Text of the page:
Flapper Hooktail Paragomphus sabicus Flaphakiestert
Flapper Hooktail, Paragomphus sabicus, Flaphakiestert is fairly large to large, black and yellow with a slight greenish hue, a large dark club and distinctive long slenderly tapered cerci.
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Key identification features:
- Face mostly bright, light yellow. Top of nose and head is black with a yellow bar between the eyes. Occiput is yellow. Labrum is yellow with black base.
- Eyes green above,dark bluish grey below
- Thorax is black with 3 broad pale stripes and between them 2 series of spots (Diagnostic).
- Abdomen slender with sharply defined black and yellow alternate, ring-like markings.End of segment 7 and parts of segments 8 and 9 deep reddish brown . Apendages gently curved. Cerci slenderly tapered throughout, at least 1.5x as long as S10, apices of cerci diverge, are slender, tapered, and finely pointed; (d) epiproct laterally rounded, longer and, almost as long as S10 or longer, not so strongly curved upwards; epiproct reaches about midpoint of cerci, without distinct median knobs (lateral view)
- Female are similar to male
- Foliations smaller
- Black patterning on the side of the thorax and the abdomen is diagnostic
Compared with other species:
- Similar to Icterogomphus ferox (Common Tigertail), Paragomphus magnus (Great Hooktail), and Paragomphus sabicus (Flapper Hooktail). The major differences are in the claspers with O. supinus having inferior appendages that are very fine, upwardly curved with two fine prongs when viewed from side . I. ferox inferior appendages curves upwards to touch the superior appendages. P. magnus has very large superior appendages with the tips curving back to almost face S10. and no foliations.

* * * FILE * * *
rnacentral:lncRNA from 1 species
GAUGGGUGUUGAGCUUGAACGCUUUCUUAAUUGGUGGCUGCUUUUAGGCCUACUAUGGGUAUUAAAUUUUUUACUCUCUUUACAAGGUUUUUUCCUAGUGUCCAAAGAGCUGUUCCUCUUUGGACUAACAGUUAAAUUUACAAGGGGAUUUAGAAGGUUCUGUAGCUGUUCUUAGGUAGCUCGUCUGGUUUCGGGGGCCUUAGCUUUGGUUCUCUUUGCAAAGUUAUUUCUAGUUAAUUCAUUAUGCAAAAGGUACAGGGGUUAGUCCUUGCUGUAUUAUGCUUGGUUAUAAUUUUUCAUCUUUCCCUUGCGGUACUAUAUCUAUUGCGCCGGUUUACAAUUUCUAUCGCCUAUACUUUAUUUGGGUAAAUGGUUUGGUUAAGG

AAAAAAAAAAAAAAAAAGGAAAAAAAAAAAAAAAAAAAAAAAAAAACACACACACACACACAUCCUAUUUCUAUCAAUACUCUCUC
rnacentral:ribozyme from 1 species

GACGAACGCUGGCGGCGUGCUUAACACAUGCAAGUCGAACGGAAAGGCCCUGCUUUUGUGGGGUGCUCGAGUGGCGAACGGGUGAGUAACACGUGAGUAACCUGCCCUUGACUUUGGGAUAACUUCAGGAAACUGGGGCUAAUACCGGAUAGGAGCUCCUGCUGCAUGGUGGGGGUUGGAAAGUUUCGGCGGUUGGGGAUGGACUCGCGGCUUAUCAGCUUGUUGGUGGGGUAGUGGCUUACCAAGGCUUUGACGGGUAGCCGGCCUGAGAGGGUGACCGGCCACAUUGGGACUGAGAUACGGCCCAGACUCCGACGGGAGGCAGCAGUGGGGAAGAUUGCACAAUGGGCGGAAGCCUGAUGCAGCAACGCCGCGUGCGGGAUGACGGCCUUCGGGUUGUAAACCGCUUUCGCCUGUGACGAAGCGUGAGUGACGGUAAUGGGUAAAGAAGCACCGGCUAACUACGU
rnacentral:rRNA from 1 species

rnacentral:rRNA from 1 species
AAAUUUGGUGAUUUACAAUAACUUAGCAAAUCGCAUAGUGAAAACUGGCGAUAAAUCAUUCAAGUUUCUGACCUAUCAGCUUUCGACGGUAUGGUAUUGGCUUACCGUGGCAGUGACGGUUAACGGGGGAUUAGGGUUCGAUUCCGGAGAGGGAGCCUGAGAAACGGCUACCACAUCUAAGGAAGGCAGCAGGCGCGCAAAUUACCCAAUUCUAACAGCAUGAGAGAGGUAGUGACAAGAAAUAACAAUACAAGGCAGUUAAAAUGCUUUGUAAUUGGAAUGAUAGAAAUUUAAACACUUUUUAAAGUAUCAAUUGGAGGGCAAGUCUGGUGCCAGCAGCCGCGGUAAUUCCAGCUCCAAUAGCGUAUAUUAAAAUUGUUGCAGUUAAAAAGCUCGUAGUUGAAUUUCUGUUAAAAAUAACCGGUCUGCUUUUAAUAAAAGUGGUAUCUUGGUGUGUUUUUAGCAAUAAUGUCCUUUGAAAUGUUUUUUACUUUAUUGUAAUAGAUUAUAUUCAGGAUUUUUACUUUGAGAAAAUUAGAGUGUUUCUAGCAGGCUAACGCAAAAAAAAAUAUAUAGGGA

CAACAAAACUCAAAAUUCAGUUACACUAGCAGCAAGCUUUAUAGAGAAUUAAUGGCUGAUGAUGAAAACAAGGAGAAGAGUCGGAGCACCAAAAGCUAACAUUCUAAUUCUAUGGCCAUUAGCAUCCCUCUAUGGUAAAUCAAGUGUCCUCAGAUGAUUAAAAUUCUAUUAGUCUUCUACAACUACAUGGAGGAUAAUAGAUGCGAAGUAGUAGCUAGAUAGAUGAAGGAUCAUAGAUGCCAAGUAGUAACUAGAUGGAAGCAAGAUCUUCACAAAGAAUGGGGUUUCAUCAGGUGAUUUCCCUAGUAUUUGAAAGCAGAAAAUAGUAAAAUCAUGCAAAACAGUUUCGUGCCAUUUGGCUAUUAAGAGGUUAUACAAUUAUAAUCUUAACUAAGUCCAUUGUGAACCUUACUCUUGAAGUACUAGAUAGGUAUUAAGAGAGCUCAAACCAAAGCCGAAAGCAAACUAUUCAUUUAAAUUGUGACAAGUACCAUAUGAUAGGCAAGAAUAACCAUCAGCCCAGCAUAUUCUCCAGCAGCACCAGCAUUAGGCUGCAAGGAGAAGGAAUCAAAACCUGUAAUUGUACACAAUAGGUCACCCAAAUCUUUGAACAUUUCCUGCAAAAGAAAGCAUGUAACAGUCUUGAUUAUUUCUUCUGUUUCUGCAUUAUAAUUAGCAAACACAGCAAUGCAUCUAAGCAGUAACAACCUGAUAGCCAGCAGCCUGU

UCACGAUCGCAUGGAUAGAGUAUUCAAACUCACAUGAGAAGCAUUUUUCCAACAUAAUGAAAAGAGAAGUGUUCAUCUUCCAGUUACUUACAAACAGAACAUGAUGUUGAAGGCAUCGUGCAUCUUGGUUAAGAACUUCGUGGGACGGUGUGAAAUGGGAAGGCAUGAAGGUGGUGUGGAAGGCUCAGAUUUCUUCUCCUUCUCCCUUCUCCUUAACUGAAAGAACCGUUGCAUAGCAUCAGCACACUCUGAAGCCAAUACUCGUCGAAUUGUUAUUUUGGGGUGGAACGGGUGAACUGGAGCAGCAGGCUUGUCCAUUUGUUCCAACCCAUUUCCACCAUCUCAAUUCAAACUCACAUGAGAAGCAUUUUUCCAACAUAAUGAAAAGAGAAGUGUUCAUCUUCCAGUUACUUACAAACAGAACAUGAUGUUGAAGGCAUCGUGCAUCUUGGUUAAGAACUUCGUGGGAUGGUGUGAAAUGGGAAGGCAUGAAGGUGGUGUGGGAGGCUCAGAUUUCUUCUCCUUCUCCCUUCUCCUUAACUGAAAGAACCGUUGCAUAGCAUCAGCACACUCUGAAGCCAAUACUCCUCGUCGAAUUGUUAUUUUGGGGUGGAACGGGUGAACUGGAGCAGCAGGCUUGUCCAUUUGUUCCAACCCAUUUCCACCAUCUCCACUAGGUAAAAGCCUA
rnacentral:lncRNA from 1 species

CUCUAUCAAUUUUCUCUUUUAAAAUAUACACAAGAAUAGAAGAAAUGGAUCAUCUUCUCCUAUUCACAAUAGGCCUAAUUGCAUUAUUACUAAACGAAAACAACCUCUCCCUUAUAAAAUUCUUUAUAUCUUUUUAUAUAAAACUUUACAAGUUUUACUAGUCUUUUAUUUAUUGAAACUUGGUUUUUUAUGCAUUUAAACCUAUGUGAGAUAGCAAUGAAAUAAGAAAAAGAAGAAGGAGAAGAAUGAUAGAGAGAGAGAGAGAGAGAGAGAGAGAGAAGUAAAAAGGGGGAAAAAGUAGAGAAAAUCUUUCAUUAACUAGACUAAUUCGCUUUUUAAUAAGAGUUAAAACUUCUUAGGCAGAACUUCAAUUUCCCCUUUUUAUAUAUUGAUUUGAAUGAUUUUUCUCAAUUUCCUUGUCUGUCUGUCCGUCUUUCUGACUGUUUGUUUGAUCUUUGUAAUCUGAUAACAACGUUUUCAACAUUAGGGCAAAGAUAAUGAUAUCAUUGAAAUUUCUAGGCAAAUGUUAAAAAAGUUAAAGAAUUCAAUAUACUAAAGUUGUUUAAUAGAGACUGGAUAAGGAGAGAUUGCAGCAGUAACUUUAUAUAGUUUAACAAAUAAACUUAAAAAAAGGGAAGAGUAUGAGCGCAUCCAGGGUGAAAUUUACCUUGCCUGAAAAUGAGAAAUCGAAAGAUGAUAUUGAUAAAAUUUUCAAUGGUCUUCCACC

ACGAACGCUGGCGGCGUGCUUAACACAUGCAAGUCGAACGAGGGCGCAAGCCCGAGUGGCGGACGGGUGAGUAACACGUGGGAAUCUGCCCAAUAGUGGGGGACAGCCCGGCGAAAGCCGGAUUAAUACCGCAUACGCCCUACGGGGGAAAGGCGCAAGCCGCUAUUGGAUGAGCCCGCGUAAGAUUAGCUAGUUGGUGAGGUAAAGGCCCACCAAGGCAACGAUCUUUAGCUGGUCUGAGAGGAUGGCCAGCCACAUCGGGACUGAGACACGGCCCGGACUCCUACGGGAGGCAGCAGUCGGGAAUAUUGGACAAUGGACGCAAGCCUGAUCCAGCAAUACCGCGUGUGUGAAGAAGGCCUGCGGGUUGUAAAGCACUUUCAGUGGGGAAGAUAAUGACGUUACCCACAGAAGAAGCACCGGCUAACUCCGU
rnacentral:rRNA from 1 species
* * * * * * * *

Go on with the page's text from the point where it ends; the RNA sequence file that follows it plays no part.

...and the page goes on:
- The abdominal stripes, dorsal thorax and the markings on the side of the thorax are diagnostic in the mentioned species.
- P. magnus has no foliage’s, I ferox has large dark foliations on s 8. P. sabicus has large foliations on s 8 with smaller on s 9.
- P. sabicus has 3 spots between the 2 broad stripes on the thorax. Humeral stripes are broken into a dot and a stripe. P. sabicus has superior appendages that are long, slender and gently curved down and outwards, yellow with brown tips.
- Abdominal stripes, dorsal thorax and the markings on the side of the thorax are diagnostic in the mentioned species.
Distribution and habitat:
Warm north eastern low areas of KZN, Mp and LP.
Prefers mostly rivers, but also streams, often with a sandy bottom and probably rocks, shaded by gallery forest, but sometimes found in open landscapes.
Often waters with a sandy bottom and probably rocks. Found from 0 to 1200 m above sea level.
From 0 to 1200 m above sea level.
Perches on bushes or twigs (sometimes high of the ground) in savanna, often away from water.
Odonata Atlas of Africa Number 665890
A Visual Guide to the Damselflies and Dragonflies of South Africa
The IUCN Red List of Threatened Species Least Concern
African Dragonflies & Damselflies Online